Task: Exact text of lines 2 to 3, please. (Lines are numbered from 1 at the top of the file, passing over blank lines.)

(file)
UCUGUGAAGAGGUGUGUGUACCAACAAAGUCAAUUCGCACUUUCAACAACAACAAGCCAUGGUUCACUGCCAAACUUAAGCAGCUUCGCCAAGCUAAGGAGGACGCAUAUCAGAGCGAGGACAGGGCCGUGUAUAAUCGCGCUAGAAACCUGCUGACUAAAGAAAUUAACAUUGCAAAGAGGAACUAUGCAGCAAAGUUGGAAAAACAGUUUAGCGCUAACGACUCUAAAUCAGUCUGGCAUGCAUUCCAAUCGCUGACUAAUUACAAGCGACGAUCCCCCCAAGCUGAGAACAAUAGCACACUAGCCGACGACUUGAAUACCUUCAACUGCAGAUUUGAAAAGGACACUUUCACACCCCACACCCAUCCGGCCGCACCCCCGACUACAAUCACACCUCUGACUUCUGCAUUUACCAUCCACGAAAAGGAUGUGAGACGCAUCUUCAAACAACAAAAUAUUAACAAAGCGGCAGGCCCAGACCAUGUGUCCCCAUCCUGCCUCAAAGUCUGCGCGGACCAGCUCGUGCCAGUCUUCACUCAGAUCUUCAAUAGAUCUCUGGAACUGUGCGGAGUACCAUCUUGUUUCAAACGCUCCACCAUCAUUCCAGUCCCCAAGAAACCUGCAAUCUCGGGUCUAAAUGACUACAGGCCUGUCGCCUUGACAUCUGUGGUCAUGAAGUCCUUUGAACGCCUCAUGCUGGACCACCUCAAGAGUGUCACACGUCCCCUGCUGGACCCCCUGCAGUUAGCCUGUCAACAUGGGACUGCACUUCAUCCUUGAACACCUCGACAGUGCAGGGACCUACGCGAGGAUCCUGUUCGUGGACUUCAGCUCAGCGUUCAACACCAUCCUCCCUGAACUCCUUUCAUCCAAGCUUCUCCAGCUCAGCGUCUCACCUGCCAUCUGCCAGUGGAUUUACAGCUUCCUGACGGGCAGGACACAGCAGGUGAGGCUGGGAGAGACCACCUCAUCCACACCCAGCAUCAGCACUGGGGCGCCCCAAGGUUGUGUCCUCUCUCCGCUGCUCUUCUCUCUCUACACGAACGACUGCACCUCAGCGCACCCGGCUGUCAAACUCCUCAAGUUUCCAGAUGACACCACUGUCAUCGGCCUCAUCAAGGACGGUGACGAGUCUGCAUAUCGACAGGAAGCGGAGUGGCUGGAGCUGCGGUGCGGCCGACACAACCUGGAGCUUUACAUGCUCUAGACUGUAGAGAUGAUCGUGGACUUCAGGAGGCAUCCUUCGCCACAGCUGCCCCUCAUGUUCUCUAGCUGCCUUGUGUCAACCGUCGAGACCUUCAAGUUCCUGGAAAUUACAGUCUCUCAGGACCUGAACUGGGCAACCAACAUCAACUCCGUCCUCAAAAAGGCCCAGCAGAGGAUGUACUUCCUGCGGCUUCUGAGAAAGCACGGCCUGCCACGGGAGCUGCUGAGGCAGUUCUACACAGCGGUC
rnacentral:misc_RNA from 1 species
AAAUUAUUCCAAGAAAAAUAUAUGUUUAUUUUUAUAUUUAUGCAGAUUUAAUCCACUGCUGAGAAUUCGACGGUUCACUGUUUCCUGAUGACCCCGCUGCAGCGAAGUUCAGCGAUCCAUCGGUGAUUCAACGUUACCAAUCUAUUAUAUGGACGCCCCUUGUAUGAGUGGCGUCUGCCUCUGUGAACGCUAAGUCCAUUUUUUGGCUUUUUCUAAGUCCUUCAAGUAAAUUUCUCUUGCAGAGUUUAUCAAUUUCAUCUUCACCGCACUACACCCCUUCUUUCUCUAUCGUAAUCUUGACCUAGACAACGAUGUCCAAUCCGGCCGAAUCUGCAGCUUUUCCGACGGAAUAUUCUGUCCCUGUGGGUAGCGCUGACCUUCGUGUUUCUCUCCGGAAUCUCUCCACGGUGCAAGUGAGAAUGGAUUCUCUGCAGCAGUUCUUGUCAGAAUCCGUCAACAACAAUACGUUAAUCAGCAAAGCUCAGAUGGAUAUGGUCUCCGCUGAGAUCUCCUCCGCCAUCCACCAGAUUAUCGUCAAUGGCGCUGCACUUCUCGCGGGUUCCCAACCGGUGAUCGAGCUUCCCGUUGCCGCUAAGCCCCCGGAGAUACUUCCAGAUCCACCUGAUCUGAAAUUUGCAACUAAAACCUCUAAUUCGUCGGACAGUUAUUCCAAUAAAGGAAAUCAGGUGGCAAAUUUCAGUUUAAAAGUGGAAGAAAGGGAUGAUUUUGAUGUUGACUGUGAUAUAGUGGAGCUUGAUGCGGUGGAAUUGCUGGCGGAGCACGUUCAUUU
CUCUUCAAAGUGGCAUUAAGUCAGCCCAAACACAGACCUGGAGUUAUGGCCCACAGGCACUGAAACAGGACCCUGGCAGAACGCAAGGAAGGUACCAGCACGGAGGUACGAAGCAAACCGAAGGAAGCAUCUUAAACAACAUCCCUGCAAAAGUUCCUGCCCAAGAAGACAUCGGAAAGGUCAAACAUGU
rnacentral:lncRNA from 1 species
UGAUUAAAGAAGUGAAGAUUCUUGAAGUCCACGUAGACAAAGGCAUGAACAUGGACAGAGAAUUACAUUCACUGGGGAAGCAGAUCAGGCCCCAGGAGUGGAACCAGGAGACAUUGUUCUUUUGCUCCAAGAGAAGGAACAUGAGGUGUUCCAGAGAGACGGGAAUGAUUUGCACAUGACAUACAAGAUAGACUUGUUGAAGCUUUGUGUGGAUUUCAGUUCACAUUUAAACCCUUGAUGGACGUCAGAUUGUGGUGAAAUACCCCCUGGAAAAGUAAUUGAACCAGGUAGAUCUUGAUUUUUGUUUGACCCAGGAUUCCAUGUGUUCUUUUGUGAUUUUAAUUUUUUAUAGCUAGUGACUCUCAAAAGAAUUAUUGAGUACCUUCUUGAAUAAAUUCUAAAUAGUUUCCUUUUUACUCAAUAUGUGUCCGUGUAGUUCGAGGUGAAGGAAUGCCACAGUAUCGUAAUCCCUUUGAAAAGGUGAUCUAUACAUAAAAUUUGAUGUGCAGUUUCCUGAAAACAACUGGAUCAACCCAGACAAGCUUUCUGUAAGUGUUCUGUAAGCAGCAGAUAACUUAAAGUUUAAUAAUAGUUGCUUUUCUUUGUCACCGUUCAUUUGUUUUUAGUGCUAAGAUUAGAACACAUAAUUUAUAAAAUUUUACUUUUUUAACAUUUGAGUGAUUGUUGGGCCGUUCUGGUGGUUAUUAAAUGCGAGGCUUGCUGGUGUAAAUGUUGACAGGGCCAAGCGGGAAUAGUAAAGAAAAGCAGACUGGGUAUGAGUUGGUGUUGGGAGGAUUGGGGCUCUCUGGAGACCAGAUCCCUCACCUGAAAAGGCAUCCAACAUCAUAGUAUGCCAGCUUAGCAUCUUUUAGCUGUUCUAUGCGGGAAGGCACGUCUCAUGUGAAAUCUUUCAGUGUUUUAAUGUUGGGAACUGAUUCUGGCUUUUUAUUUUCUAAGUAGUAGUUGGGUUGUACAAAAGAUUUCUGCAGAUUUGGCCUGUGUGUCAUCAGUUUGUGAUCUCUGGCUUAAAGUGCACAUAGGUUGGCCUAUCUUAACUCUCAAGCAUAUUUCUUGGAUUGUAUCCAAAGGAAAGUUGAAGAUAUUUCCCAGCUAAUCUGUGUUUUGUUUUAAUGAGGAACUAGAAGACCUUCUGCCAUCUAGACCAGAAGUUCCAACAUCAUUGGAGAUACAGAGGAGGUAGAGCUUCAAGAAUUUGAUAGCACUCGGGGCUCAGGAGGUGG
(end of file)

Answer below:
rnacentral:misc_RNA from 1 species
AAAUUAUUCCAAGAAAAAUAUAUGUUUAUUUUUAUAUUUAUGCAGAUUUAAUCCACUGCUGAGAAUUCGACGGUUCACUGUUUCCUGAUGACCCCGCUGCAGCGAAGUUCAGCGAUCCAUCGGUGAUUCAACGUUACCAAUCUAUUAUAUGGACGCCCCUUGUAUGAGUGGCGUCUGCCUCUGUGAACGCUAAGUCCAUUUUUUGGCUUUUUCUAAGUCCUUCAAGUAAAUUUCUCUUGCAGAGUUUAUCAAUUUCAUCUUCACCGCACUACACCCCUUCUUUCUCUAUCGUAAUCUUGACCUAGACAACGAUGUCCAAUCCGGCCGAAUCUGCAGCUUUUCCGACGGAAUAUUCUGUCCCUGUGGGUAGCGCUGACCUUCGUGUUUCUCUCCGGAAUCUCUCCACGGUGCAAGUGAGAAUGGAUUCUCUGCAGCAGUUCUUGUCAGAAUCCGUCAACAACAAUACGUUAAUCAGCAAAGCUCAGAUGGAUAUGGUCUCCGCUGAGAUCUCCUCCGCCAUCCACCAGAUUAUCGUCAAUGGCGCUGCACUUCUCGCGGGUUCCCAACCGGUGAUCGAGCUUCCCGUUGCCGCUAAGCCCCCGGAGAUACUUCCAGAUCCACCUGAUCUGAAAUUUGCAACUAAAACCUCUAAUUCGUCGGACAGUUAUUCCAAUAAAGGAAAUCAGGUGGCAAAUUUCAGUUUAAAAGUGGAAGAAAGGGAUGAUUUUGAUGUUGACUGUGAUAUAGUGGAGCUUGAUGCGGUGGAAUUGCUGGCGGAGCACGUUCAUUU